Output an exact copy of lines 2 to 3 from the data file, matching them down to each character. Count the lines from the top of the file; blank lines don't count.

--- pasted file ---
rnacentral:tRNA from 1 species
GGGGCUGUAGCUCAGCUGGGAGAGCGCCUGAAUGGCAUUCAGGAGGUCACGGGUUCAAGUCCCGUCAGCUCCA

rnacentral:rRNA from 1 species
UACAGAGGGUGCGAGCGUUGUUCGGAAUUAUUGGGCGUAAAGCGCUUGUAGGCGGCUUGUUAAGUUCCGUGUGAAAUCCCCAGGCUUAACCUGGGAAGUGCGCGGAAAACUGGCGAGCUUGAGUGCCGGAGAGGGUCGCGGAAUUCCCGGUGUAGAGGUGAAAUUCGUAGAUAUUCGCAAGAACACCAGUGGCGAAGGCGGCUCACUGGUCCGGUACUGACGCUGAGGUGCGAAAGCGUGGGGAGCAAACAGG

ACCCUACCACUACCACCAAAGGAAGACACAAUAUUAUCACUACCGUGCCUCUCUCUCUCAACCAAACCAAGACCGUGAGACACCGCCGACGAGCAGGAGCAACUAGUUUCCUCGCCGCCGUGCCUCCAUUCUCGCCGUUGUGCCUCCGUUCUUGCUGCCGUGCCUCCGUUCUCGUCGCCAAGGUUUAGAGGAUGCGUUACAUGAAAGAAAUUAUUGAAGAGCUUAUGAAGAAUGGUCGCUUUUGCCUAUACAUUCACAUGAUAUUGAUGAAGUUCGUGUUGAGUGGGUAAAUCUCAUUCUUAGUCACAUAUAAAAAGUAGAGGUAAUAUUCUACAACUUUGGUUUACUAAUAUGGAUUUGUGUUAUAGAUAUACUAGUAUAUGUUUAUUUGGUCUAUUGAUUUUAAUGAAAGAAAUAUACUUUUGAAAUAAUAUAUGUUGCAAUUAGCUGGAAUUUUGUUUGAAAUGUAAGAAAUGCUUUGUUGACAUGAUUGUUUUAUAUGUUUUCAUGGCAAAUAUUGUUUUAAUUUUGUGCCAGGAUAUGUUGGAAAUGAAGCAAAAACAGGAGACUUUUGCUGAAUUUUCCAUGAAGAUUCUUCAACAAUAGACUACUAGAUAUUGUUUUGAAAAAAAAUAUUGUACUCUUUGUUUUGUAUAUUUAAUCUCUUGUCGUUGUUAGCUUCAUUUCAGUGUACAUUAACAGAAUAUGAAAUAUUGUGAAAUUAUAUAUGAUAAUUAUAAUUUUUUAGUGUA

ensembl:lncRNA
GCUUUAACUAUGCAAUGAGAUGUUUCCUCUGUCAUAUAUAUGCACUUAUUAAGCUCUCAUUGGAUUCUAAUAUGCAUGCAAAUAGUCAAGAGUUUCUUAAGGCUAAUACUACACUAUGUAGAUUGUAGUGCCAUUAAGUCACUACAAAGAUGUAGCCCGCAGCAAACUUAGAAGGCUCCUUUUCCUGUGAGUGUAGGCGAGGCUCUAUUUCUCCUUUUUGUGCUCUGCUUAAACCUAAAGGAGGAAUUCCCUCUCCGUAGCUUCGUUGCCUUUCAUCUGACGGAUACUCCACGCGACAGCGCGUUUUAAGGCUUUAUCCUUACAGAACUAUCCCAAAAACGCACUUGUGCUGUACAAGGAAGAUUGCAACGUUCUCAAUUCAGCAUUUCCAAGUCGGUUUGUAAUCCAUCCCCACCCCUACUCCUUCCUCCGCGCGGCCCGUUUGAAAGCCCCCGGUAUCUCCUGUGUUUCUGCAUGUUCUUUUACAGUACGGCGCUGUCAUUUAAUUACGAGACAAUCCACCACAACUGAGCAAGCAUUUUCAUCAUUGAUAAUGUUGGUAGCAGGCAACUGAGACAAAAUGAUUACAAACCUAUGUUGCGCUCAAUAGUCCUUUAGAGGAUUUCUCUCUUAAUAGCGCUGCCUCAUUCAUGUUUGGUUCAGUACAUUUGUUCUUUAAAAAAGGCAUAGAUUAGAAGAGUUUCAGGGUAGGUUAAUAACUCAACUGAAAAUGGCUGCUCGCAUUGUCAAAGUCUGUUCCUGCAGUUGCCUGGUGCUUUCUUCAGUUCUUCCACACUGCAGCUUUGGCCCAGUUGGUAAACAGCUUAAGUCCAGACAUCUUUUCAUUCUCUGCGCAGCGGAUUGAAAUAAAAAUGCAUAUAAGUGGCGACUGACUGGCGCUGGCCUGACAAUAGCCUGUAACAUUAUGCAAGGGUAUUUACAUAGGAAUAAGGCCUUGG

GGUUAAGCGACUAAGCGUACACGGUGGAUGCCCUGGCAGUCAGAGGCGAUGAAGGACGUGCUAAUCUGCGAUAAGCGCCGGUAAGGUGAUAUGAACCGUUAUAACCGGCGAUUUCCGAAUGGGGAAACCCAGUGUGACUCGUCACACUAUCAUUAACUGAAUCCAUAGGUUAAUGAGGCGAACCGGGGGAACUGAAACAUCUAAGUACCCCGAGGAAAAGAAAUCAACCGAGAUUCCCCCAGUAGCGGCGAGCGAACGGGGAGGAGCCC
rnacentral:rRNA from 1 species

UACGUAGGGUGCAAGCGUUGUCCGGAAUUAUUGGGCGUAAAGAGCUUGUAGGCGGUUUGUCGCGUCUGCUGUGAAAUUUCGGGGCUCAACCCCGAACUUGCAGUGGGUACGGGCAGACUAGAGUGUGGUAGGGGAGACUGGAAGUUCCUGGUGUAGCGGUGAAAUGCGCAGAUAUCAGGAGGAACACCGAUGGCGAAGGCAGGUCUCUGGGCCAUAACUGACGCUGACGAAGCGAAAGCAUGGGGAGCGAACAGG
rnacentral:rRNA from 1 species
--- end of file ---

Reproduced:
GGGGCUGUAGCUCAGCUGGGAGAGCGCCUGAAUGGCAUUCAGGAGGUCACGGGUUCAAGUCCCGUCAGCUCCA

rnacentral:rRNA from 1 species